Don't Assume That Mental Symptoms Are Due to Opioids

April 1, 1995

MILAN, Italy--Opioids are not usually the cause of organic brain syndromes (most often delirium and hallucinations) in patients with chronic cancer pain, when other common medical conditions that develop in advanced cancer are considered,

MILAN, Italy--Opioids are not usually the cause of organic brainsyndromes (most often delirium and hallucinations) in patientswith chronic cancer pain, when other common medical conditionsthat develop in advanced cancer are considered, says Augusto Caraceni,MD, of the Pain Therapy and Palliative Care Division, NationalCancer Institute, Milan.

Dr. Caraceni and his colleagues reviewed 161 hospitalized patientswho received opioids for chronic cancer pain during a 14-monthperiod; 15 developed an organic brain syndrome. In four patients,opioids were found to be the only cause of the syndrome, but in11 cases, concomitant conditions could not be excluded as contributingto the etiology, and in some cases appeared to be the primarycause.

When opioids were clearly implicated as the cause of the organicbrain syndrome, opioid dosages were reduced to relieve mentalsymptoms, but patients were sometimes left with only partial painrelief, the researchers say (J Pain Symptom Management 9:527-533,1994).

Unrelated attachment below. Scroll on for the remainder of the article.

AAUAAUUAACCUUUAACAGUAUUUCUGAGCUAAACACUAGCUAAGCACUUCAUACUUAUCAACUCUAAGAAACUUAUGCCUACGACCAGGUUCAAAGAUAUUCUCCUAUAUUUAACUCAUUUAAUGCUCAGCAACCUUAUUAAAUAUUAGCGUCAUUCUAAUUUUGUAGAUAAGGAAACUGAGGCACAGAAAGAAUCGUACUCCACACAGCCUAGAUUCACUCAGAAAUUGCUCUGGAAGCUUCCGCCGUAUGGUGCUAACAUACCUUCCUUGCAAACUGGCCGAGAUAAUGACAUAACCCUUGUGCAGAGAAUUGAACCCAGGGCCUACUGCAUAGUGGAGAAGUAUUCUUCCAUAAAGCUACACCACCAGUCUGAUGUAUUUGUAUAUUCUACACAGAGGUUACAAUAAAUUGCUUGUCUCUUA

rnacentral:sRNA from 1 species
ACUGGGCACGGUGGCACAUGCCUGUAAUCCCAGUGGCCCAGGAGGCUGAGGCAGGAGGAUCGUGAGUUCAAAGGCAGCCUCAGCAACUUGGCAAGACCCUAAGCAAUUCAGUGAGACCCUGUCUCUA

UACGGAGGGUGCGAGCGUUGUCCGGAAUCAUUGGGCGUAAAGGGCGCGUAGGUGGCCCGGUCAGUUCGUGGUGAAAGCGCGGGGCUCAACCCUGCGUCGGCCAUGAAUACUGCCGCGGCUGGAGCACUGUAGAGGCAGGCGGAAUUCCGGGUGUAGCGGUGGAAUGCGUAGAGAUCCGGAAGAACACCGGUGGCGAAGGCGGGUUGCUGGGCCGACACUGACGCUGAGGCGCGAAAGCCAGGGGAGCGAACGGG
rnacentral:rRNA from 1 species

The concomitant conditions included brain metastases, liver failure,renal failure, and hyponatremia (the three patients with hyponatremiaimproved when electrolytes were corrected and their morphine dosageswere reduced). Two patients were also receiving psychoactive drugs(amitriptyline and lorazepam), and both recovered when these drugswere discontinued.

In two patients with melanoma and bone metastases, use of IL-2or IL-2 and interferon appeared to be the primary cause of theirmental problems, and another patient was found to have hydrocephalusstemming from a metastatic brain lesion.

Dr. Caraceni concluded that in all cases of organic brain syndrome,"a very careful differential diagnosis is important to ruleout concomitant, and sometimes treatable, conditions."

His colleagues in the study were Drs. Cinzia Martini, Franco DeConno, and Vittorio Ventafridda, all with the National CancerInstitute, Milan.